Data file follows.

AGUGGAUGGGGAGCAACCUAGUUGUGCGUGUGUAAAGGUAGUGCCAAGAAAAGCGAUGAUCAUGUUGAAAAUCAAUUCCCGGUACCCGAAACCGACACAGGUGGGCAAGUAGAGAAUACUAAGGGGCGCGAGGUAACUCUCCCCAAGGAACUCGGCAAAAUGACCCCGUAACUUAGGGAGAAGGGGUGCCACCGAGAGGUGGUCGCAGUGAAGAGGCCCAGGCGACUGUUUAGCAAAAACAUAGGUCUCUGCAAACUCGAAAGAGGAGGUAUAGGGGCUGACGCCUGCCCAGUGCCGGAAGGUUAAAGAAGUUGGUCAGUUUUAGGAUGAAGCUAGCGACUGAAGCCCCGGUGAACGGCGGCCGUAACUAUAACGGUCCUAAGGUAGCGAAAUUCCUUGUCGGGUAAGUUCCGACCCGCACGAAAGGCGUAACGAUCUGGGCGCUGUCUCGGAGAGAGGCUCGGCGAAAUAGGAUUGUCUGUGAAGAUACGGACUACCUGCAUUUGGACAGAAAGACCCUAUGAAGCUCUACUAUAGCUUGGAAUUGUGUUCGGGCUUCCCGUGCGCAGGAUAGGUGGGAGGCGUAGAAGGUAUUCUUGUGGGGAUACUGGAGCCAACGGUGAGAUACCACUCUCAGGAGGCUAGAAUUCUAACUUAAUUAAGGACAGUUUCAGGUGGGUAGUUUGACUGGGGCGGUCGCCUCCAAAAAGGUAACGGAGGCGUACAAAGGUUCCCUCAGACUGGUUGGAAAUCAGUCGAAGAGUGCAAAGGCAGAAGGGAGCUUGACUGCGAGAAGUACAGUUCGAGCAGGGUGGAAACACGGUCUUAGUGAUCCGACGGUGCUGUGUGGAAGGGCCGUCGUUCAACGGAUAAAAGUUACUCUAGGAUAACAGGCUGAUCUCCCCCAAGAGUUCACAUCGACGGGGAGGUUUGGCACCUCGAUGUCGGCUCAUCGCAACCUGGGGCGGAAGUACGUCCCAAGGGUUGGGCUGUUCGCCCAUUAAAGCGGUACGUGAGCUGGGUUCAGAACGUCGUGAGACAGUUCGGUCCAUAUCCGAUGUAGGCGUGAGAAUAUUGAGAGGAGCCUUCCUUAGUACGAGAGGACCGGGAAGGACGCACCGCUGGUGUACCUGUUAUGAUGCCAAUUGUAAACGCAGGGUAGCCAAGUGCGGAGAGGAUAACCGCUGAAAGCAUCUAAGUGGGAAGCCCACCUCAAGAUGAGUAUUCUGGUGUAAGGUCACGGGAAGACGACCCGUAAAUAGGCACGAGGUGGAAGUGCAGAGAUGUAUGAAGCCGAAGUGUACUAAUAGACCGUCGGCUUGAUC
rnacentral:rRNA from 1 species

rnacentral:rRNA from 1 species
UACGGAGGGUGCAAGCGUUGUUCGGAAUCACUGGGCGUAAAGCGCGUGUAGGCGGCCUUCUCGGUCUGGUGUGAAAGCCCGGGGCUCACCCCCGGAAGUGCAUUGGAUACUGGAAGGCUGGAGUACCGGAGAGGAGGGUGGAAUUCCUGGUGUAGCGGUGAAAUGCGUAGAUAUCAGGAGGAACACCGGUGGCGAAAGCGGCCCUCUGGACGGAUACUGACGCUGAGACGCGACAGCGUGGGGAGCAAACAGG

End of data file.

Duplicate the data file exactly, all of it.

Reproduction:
AGUGGAUGGGGAGCAACCUAGUUGUGCGUGUGUAAAGGUAGUGCCAAGAAAAGCGAUGAUCAUGUUGAAAAUCAAUUCCCGGUACCCGAAACCGACACAGGUGGGCAAGUAGAGAAUACUAAGGGGCGCGAGGUAACUCUCCCCAAGGAACUCGGCAAAAUGACCCCGUAACUUAGGGAGAAGGGGUGCCACCGAGAGGUGGUCGCAGUGAAGAGGCCCAGGCGACUGUUUAGCAAAAACAUAGGUCUCUGCAAACUCGAAAGAGGAGGUAUAGGGGCUGACGCCUGCCCAGUGCCGGAAGGUUAAAGAAGUUGGUCAGUUUUAGGAUGAAGCUAGCGACUGAAGCCCCGGUGAACGGCGGCCGUAACUAUAACGGUCCUAAGGUAGCGAAAUUCCUUGUCGGGUAAGUUCCGACCCGCACGAAAGGCGUAACGAUCUGGGCGCUGUCUCGGAGAGAGGCUCGGCGAAAUAGGAUUGUCUGUGAAGAUACGGACUACCUGCAUUUGGACAGAAAGACCCUAUGAAGCUCUACUAUAGCUUGGAAUUGUGUUCGGGCUUCCCGUGCGCAGGAUAGGUGGGAGGCGUAGAAGGUAUUCUUGUGGGGAUACUGGAGCCAACGGUGAGAUACCACUCUCAGGAGGCUAGAAUUCUAACUUAAUUAAGGACAGUUUCAGGUGGGUAGUUUGACUGGGGCGGUCGCCUCCAAAAAGGUAACGGAGGCGUACAAAGGUUCCCUCAGACUGGUUGGAAAUCAGUCGAAGAGUGCAAAGGCAGAAGGGAGCUUGACUGCGAGAAGUACAGUUCGAGCAGGGUGGAAACACGGUCUUAGUGAUCCGACGGUGCUGUGUGGAAGGGCCGUCGUUCAACGGAUAAAAGUUACUCUAGGAUAACAGGCUGAUCUCCCCCAAGAGUUCACAUCGACGGGGAGGUUUGGCACCUCGAUGUCGGCUCAUCGCAACCUGGGGCGGAAGUACGUCCCAAGGGUUGGGCUGUUCGCCCAUUAAAGCGGUACGUGAGCUGGGUUCAGAACGUCGUGAGACAGUUCGGUCCAUAUCCGAUGUAGGCGUGAGAAUAUUGAGAGGAGCCUUCCUUAGUACGAGAGGACCGGGAAGGACGCACCGCUGGUGUACCUGUUAUGAUGCCAAUUGUAAACGCAGGGUAGCCAAGUGCGGAGAGGAUAACCGCUGAAAGCAUCUAAGUGGGAAGCCCACCUCAAGAUGAGUAUUCUGGUGUAAGGUCACGGGAAGACGACCCGUAAAUAGGCACGAGGUGGAAGUGCAGAGAUGUAUGAAGCCGAAGUGUACUAAUAGACCGUCGGCUUGAUC
rnacentral:rRNA from 1 species

rnacentral:rRNA from 1 species
UACGGAGGGUGCAAGCGUUGUUCGGAAUCACUGGGCGUAAAGCGCGUGUAGGCGGCCUUCUCGGUCUGGUGUGAAAGCCCGGGGCUCACCCCCGGAAGUGCAUUGGAUACUGGAAGGCUGGAGUACCGGAGAGGAGGGUGGAAUUCCUGGUGUAGCGGUGAAAUGCGUAGAUAUCAGGAGGAACACCGGUGGCGAAAGCGGCCCUCUGGACGGAUACUGACGCUGAGACGCGACAGCGUGGGGAGCAAACAGG